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WASHINGTON: Across the Pacific, “the US Army, in essence, is engaging in war by other means” — even as it launches a historic and expensive build-up of new weapons for a literal war, says Army Secretary Ryan McCarthy.
The service is sticking with all 31 of its priority programs in the 2021 budget plan due out next month, McCarthy told reporters Friday after a speech on Pacific strategy at the Brookings Institution. (More on his wide-ranging thoughts below).
The service is emerging from the wreckage of two decades of cancelled modernization programs. But even its own generals wonder publicly how the Army’s going to pay for all 31 if this time they actually succeed.
“It’ll be a good problem to have,” McCarthy said. It’s also solvable.
“If they’re successful in prototyping, that presents a good dilemma: Now you’ve got to a buy a lot of them,” he said. “Then comes the hard prioritization where Mike Murray” – the four-star chief of Army Futures Command – “and Bruce Jette” – the civilian Army Acquisition Executive – “come in and they talk to us and they say, ‘we’ve got to go big on this one, we’ve got to slow this.’”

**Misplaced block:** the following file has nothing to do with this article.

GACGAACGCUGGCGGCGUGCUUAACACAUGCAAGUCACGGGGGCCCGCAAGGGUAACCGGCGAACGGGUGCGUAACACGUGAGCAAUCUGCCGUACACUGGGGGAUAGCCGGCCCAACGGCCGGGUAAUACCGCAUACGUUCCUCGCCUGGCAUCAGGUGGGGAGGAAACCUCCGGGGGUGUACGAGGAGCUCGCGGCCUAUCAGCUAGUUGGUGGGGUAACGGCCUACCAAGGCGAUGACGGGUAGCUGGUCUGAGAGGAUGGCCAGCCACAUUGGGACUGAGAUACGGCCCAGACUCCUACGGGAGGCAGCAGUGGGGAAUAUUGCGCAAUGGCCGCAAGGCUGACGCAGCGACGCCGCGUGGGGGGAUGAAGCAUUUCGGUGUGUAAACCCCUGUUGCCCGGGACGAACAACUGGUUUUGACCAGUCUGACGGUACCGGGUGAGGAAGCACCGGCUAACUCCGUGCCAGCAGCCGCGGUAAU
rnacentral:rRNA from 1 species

Prioritizing some programs over others isn’t the only tool the Army can use: It can also prioritize some units over others, based on what role they play in war plans and what kind of adversaries they’ll face. While McCarthy didn’t give a specific example, one can imagine, for example, that a Multi-Domain Task Force slated to fight Russia on the plains of Eastern Europe would need a lot more armored vehicles, and a lot fewer long-range anti-ship missiles, than one headed for the First Island Chain off the coast of China.
“Does every unit in the Army get every piece of equipment or do you make it specific by division and what mission set they have to perform?” McCarthy mused when I raised the issue after a Future Vertical Lift flight demonstration in Texas Wednesday. “Those are choices, to your point, that will be made in the ’23, ’24, ’25 time frame.”
“We don’t have to make those calls now,” he emphasized. “A lot of it will be [determined by] how we perform the next 18 months. But harder choices are in front of us.”
McCarthy reemphasized this point at Brookings when he spoke on Friday. “You’re not going to see that [dilemma] in ’21,” he told reporters. “Really it’s ’23-’24 when these LRIP [Low Rate Initial Production] tranches are coming through the system.”
Infinite Games In The Pacific